THE story of the rise of Novak Djokovic is one of sudden, dramatic injuries, turbulent family circumstances, and failed romantic hopes in Glasgow.
It is served with a box of chocolates and some donkey cheese.An explanation is needed. The 25-year-old Serb returns to Melbourne to defend his Australian Open title as the best player in the world, but his ascent to the top has been marked by stumbles, even falls.
When he won the Australian Open in 2008, Djokovic looked as if he could break the duopoly being forged by Rafael Nadal and Roger Federer. Instead, it took him three years – until his fabulous season of 2011 – to frank his talent with a glut of Grand Slams.
He bids for his sixth next week with Nadal on the sidelines and Federer no longer his nemesis. The gangling young man with the boundless energy of a puppy and an unrefined humour that irked the more sedate Federer has now become the charming, articulate world No 1.
And this brings in the box of chocolates and the donkey cheese. The latter is, apparently, a business venture for Djokovic who owns a restaurant in his homeland; he has made a deal with the only farm in the country that produces the product.
"It is not completely true that we bought the whole supply of donkey cheese, even though it is the first time in my life that I heard that donkey cheese exists," Djokovic said, addressing the matter of crucial significance in the build-up to the Australian Open.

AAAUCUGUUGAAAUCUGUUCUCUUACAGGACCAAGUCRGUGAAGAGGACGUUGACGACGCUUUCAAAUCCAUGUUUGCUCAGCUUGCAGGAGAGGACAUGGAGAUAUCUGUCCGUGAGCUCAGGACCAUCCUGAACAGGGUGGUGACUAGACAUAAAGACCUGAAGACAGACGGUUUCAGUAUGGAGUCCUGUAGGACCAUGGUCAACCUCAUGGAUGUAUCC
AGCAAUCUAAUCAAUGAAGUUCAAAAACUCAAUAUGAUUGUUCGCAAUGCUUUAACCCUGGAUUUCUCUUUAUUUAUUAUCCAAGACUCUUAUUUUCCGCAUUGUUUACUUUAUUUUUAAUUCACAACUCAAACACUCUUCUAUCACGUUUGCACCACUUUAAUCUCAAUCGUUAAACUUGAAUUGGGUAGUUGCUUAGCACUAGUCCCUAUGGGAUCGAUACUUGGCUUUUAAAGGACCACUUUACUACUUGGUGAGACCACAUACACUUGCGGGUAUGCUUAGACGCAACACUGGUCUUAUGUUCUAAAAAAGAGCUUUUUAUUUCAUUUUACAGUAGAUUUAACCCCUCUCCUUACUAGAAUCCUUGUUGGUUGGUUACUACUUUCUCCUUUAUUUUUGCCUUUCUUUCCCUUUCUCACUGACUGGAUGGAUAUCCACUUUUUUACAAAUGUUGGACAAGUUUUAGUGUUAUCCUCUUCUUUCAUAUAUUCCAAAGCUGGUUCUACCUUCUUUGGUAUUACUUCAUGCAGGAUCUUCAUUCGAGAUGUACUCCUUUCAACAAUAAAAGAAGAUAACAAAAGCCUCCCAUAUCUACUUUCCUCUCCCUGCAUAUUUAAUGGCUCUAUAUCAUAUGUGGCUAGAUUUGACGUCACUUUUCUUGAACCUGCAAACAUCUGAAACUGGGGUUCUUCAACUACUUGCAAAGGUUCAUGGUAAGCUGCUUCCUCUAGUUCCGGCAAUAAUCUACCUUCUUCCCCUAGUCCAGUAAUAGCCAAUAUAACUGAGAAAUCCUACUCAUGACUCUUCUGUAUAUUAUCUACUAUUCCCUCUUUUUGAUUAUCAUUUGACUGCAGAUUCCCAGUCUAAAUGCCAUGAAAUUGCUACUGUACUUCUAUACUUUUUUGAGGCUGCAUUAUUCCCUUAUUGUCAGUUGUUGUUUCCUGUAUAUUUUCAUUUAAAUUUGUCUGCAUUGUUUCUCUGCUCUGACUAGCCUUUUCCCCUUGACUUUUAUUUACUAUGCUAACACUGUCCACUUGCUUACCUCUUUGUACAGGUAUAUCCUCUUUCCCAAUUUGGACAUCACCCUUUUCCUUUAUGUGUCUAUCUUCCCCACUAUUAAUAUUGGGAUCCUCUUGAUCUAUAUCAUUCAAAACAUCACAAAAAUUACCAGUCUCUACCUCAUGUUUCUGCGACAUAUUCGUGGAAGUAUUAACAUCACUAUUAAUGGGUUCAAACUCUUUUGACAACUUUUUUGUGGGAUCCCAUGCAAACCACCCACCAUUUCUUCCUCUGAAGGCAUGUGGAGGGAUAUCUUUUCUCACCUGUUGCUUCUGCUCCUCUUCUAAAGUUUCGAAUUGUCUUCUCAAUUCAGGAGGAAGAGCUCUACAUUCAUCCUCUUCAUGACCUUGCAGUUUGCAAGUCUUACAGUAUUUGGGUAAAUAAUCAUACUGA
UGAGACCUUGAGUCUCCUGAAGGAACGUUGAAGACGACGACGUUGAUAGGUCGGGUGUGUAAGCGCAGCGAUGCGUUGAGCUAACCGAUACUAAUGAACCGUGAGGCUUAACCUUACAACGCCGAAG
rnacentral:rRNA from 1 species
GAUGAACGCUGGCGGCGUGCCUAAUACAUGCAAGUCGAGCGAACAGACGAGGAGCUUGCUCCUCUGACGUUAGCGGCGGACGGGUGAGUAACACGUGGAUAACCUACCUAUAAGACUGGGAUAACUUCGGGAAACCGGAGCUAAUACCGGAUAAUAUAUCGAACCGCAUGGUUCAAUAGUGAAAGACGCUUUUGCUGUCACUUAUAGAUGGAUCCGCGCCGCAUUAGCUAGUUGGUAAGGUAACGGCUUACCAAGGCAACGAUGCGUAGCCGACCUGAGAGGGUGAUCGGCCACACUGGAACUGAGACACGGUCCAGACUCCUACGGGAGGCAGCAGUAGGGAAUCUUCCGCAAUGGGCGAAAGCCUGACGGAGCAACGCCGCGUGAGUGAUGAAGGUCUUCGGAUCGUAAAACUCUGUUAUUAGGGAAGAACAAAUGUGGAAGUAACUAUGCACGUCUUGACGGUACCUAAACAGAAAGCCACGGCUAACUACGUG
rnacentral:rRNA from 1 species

"There is a certain farm in Serbia that produces this donkey cheese and, as I understand it, it is the only farm in the world, which is very interesting,'' he added with the forbearance that marks the recognition that his status now comes with the burden of addressing queries that are far removed from the status of his forehand or the strength of his second serve.
Djokovic has assumed this role with grace and charm. At the 02 Arena in London in November, he presaged his victory in the tour finals by personally handing out chocolates to the press after talking with dignity of the illness of his father Srjdan, who was suffering from respiratory problems.
This ability to handle personal crises has been learned through experience. Djokovic lost his way before finding the No 1 slot. In the summer of 2010, he was looked upon as an under-achiever, an inconsistent player who had got lucky with winning a Grand Slam after playing a final against Jo-Wilfried Tsonga, not Federer or Nadal. Federer had been his nemesis in Grand Slam semi-finals, but more importantly Djokovic was gaining a reputation for physical frailty. The Serb has always claimed he suffered from breathing difficulties, exacerbated by allergies. This difficulty, he has since said, has been solved by adopting a gluten-free diet.
But opposing players, particularly the best ones, sensed there was a fragility that went beyond the physical. Djokovic gained a justifiable reputation as a player who pulled out of tournaments during matches. Andy Roddick once accused him of suffering from a list of ailments that included "bird flu, anthrax, SARS, common cough and cold".